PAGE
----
For those driving, I-95 will serve you well from Boston or New York areas, Rt. 146 is better when coming from Worcester or western Massachusetts area. I-195 connects to Cape Cod and eastern Massachusetts. Driving from TF Green Airport (PVD) , head north on I-95. Driving to the airport exit 13 on I-95.

By bus

Get around

Downtown Providence is very compact and can easily be covered walking. There is some parking available throughout the city, but RIPTA's public transport network is extensive and an alternative to driving. Although public transit in Providence is almost entirely comprised of buses, the buses are on-time, reliable, and much of RIPTA's bus fleet is new. Kennedy Plaza, RIPTA's downtown bus station, has recently undergone a major overhaul and is well laid out with digital displays at each terminal that tell when the next bus will be coming.

Two of the downtown lines are run completely on natural gas trackless trolleys (called the Providence LINK Trolley), and cover most of historic Providence. Base fare is $2.00, though e-riptiks or ride passes may be purchased either on-board or at local Shaw's and Stop and Shop supermarkets.Seniors or disabled persons ride for half price during non-peak hours with the presentation of an id. Students from some local colleges can buy discounted bus passes or use their school id cards (policy varies depending on the school).

See

Providence is a city rich in unique architecture, beautiful streetscapes and stimulating intellectual pursuits. One of America's older cities, Providence features many historic buildings like the Rhode Island State House and Trinity Repertory Theater. These locations, among others, exemplify some of the country's best 19th and 20th century architecture. The RISD museum and Roger Williams Park Zoo offer days of fun sightseeing for adults and children alike.

Museums

Architecture

Downcity Providence overlooking Waterplace Park
  • Old Stone Bank - S. Main St. & Crawford St. Greek Revival building from 1854.
  • The Arcade - Westminster St. The oldest enclosed shopping mall in America from 1828. Also in Greek Revival style, replete with Ionic columns.
  • City Hall - Dorrance St. & Washington St. Finished in 1878, the Second Empire Baroque City Hall only survives today because of former Mayor Buddy Cianci's careful restoration in 1975.
  • Industrial Trust Tower (Bank of America Tower) - Kennedy Plaza. The tallest building in Providence is an intent Art Deco impression from 1928.
  • Trinity Repertory Theater - Washington St. & Empire St. This 1912 building, clad in terra-cotta houses the area's finest reportory company.
  • Providence County Courthouse - S. Main St. & College St. Built in 1930, the Courthouse is one of the earliest examples of architectural contextualism anywhere. The building's large mass is tastefully fragmented and detailed.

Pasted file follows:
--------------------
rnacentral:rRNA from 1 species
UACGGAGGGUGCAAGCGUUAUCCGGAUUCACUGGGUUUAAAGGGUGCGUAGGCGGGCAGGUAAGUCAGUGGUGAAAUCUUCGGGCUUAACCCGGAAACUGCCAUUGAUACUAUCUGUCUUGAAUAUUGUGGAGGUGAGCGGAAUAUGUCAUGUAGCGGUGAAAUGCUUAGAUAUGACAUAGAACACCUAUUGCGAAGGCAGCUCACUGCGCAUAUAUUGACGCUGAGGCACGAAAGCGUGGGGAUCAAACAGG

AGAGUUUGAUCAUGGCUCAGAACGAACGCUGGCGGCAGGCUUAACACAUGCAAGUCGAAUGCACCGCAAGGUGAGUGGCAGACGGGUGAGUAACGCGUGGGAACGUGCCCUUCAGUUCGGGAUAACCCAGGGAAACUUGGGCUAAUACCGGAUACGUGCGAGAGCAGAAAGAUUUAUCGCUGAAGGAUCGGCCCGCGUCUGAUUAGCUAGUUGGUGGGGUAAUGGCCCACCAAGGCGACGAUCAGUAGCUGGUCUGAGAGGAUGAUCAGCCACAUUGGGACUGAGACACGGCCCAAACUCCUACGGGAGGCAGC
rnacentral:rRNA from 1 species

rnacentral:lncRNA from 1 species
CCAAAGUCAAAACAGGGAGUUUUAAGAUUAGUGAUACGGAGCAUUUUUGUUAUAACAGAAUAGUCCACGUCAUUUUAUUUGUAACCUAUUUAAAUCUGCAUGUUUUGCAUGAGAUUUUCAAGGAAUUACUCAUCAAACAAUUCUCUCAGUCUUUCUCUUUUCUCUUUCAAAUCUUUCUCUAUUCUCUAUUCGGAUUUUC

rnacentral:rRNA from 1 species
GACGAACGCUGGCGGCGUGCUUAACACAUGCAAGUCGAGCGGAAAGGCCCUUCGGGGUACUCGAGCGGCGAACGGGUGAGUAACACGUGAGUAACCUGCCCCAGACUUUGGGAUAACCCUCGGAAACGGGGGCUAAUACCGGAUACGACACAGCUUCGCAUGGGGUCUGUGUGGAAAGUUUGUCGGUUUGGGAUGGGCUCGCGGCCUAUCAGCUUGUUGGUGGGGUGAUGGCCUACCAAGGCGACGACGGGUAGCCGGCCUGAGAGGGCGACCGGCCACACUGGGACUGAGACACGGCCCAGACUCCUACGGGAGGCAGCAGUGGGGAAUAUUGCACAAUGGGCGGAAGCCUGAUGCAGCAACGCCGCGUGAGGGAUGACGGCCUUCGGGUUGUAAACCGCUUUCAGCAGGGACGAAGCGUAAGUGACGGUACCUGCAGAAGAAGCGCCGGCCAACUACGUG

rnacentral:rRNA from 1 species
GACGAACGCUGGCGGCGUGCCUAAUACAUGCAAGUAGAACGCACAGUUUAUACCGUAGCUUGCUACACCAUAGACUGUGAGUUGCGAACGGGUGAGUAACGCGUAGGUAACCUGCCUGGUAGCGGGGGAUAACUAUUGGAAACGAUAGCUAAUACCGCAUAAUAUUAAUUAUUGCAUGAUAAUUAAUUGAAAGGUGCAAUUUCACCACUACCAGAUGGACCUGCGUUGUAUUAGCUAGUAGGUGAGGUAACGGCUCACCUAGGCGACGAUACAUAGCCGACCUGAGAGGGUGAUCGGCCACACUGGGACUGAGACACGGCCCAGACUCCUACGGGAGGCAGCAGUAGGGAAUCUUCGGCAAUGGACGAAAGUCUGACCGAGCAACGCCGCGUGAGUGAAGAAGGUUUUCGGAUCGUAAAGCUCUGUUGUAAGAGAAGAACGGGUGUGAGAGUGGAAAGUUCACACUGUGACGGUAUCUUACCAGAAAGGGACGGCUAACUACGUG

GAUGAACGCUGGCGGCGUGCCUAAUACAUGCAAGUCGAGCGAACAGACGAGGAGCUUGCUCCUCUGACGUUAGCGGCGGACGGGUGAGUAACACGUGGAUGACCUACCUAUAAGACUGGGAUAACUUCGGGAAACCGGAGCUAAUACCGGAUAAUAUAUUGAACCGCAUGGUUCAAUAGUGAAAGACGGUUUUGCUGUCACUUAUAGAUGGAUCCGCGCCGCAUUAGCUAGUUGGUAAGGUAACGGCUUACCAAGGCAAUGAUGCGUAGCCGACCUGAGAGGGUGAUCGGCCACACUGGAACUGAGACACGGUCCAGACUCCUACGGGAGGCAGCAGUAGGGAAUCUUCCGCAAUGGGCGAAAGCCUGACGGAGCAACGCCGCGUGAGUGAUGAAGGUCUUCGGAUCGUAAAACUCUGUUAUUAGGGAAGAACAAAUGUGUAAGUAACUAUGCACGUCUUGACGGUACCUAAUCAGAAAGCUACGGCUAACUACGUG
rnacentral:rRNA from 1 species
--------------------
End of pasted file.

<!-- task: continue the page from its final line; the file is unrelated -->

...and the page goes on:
• First Baptist Church - Main St. & Waterman St. Built on the site of the original 1638 First Baptist Church, this 1775 edifice is beautifully restored.
  • Cranston Street Armory - Cranston St.
  • Biltmore Hotel - The 1922 Neo-Federal Beaux-Arts styled hotel. Dorrance St. & Washington St.
  • Federal Courthouse - Exchange St. & Washington St.
  • Athenaeum - The fourth oldest library in the country. Benefit St. & College St.
  • Market Square - College St. & S. Main St.

Though professional tours of the city are not offered, a book featuring 12 self-guided walking tours of the city's architecture is available for purchase at the Providence Preservation Society, 21 Meeting Street, +1 401 831-7440, .

Streetscapes


Parks

Roger Williams Park

Roger Williams Park is located in the southern part of the city . The park is named after the founder of the city of Providence and one of the founders of the state of Rhode Island in 1636- Roger Williams. Roger Williams began the colony of Rhode Island and Providence Plantations, which provided a refuge for religious minorities.

The land for the park was a gift to the people of Providence in 1871, in accordance with the will of Betsey Williams, the great-great-great-granddaughter, and last surviving descendant of the founder to own the land. It had been the family farm and represented the last of the original land grant to Roger Williams in 1638 from Canonicus, chief of the Narragansett tribe.

The elaborately landscaped 427-acre city park contains seven lakes which comprise approximately 98 acres. Roger Williams Park is a National Historic District.The park was designed by Horace Cleveland in 1878, and was constructed in the 1880s. Many of the roads, bridges and sidewalks were built by the Works Progress Administration from 1935 to 1940.

The park is free of charge and open anytime of the day and every day of the week. It holds an old fashioned carousel with beautifully designed statues of various zoo animals to ride. It is $1 for children or adults to ride the carousel. Often in the park there is face painting available as well. Furthermore, there is a bright and clean playground that is suitable for all ages. There is a concession stand in the park and ample picnic tables to enjoy the hotdogs and pizza.

To get to the park:

From I-95 South: Take exit 17, Elmwood Avenue, Left at light Park entrance is 1/2 block on left. From I-95 North: Take exit 16, Elmwood Avenue, Bear right, Left at light, Park entrance is 1/2 block on right. From I-195 West: Merge onto I-95 South, Take exit 17, Elmwood Avenue, Left at light, Park entrance is 1/2 block on left. R.I.P.T.A – (+1 401 781-9400), Bus 20 (Elmwood Ave) – The cost for riding the bus is $2.00 unless you have a bus pass. Bus 20 passes right by the park approximately every 25mins with other stops along Elmwood Ave.

April - Columbus Day: Tuesday – Friday: 11AM – 4PM Saturday – Sunday: 10AM – 5PM Weather Permitting